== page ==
The upcoming iPhone 6 is a huge product for Apple. They need to knock it out of the park if they want to maintain their revenue growth and hold onto recent gains in the stock price. There are a number of factors contributing to this: the overall health of the smartphone market, the slow-down of the tablet market, the rise of phablets, and more. Let's get into some of the details.
The smartphone market is more lucrative than tablets or computers
In general, the smartphone market is performing much better than the tablet or PC market. It is much larger (on a unit basis) than the other two put together and is still growing. PC's have been flat or slightly declining for a few years, and tablet growth has slowed down enough in the last six months that some analysts think iPad sales will be flat in 2014. I've already given my thoughts on why growth in the tablet market is stalling. There's still a lot of room left for growth in the smartphone market too: only 30% of the world's 5.2 billion mobile phone users have smartphones.
Smartphones also typically sell for higher prices than tablets and carry higher gross margins (selling price minus manufacturing costs), than tablets or computers, thus making them a more profitable product category.
Customers also tend to upgrade their smartphones more frequently than other gadgets. This is especially true in the US where many people are on two-year contracts and phone prices are subsidized.
Smartphones are basically a dream market: huge potential customer base, high prices, good margins, etc. For companies that can sell mid to high-end smartphones in high volume the financial rewards are outstanding.
iPhones are Apple's most important product category - by far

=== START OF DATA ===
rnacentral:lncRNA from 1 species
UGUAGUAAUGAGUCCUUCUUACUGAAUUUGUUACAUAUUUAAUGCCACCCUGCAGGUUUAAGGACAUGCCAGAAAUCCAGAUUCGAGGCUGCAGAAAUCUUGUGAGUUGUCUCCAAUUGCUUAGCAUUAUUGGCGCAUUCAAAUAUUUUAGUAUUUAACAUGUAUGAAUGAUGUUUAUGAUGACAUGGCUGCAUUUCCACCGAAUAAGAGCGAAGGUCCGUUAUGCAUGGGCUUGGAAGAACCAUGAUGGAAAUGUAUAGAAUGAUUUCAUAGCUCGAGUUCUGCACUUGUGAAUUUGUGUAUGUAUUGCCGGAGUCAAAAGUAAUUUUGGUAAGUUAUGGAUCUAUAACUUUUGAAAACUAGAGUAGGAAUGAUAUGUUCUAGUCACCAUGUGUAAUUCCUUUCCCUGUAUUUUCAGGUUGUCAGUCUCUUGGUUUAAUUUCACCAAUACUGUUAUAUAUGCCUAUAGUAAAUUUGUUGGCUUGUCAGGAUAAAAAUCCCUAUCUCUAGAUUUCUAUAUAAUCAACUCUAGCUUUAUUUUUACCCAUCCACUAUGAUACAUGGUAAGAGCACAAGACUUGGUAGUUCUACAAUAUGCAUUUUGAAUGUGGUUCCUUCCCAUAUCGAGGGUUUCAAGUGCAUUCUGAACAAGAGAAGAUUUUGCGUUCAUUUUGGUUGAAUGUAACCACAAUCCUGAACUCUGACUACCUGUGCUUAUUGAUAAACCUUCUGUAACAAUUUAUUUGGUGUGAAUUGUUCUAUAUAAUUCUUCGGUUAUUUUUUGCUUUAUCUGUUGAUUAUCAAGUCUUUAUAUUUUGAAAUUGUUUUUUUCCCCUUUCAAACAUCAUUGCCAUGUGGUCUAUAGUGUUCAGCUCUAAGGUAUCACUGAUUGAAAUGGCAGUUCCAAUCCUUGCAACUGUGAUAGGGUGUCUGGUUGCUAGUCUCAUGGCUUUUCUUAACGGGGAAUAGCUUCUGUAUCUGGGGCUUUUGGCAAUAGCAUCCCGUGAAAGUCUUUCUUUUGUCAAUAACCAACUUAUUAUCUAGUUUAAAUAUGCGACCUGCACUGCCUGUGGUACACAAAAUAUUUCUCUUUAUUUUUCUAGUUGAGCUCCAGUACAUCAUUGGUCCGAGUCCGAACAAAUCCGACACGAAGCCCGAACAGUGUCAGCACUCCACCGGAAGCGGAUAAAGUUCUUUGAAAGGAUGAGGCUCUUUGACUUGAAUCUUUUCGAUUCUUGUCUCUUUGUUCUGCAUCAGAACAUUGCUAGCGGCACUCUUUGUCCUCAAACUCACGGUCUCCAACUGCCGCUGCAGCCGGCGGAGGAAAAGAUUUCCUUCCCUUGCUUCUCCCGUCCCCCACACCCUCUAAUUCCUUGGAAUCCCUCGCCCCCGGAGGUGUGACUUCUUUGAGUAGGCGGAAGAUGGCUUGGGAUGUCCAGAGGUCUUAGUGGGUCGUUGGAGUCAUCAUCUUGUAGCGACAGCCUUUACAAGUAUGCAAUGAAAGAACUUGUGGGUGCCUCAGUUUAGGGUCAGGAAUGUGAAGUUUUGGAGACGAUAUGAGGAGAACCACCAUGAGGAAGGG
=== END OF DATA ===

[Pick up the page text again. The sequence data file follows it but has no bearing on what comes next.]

If smartphones are Apple's most important market, then they only really have one chance per year to address that market with the new iPhone. The smartphone market is more competitive than ever with lots of great choices from competing platforms. Even with the astronomical rise of the iPad, iPhones have steadily grabbed a larger and larger portion of Apple's revenues (and profits we can safely assume too).
Since the iPad was introduced in 2010, the iPhone's share of Apple's total revenue has steadily climbed and now sits at around 55%. iPods have been a declining business for several years now, and Macs have been about flat in a very challenging PC market. The iPad went through a period of rapid growth, but is now slowing down. These are still profitable businesses, but the iPhone is outgrowing them significantly. Trefis estimates iPhones account for a disproportionate 47% of Apple's stock price (22% is from cash).
A larger iPhone is needed to combat phablets
In leaked slides, Apple admitted that 'consumers want what we don't have': cheap phones and high-end phones with big screens. I don't see Apple going much further down-market than the $550 iPhone 5c. However, they can make a high-end phone with a bigger screen, and that's exactly what they're rumored to be doing with 4.7" and 5.5" models of the iPhone 6.
Some industry observers have also hypothesized that as phones get bigger there is less of a need to own a tablet. Over 50% of the tablet market is devices that have just 7"-8" screens. Most people probably don't need to own two devices with similar capabilities that are so close in size. As iPad sales slow down, it's important for Apple to have a larger phone to sell to those consumers want a big screen or those that can only afford one mobile device.
Apple will work to make a richer iOS ecosystem
In summary, iPhones are very important to Apple because it is their largest and most profitable market, still growing steadily, and is increasingly making up a larger portion of their revenue and profit. They need to get the one new model in their most important product category right.
Apple will also concentrate on making a richer iOS ecosystem to lure in new customers and keep them loyal. Initiatives such as Healthkit, Homekit, and Carplay are good examples of this. I also expect more official iPhone accessories, both Apple branded and through official 'made for iPhone' programs. A spec for making lightning cable headphones was recently revealed. Perhaps this provides some hints at what they were thinking with the Beats acquisition. This is also why I fully expect to see a smartwatch and/or fitness tracker introduced later this year. I could also see them doing an Amazon Prime-like service that includes more iCloud storage, a music streaming service, and perhaps exclusive monthly discounts on iTunes or App Store content. iPhones are incredibly important to Apple's health. They will do whatever they can to protect their position without lowering prices.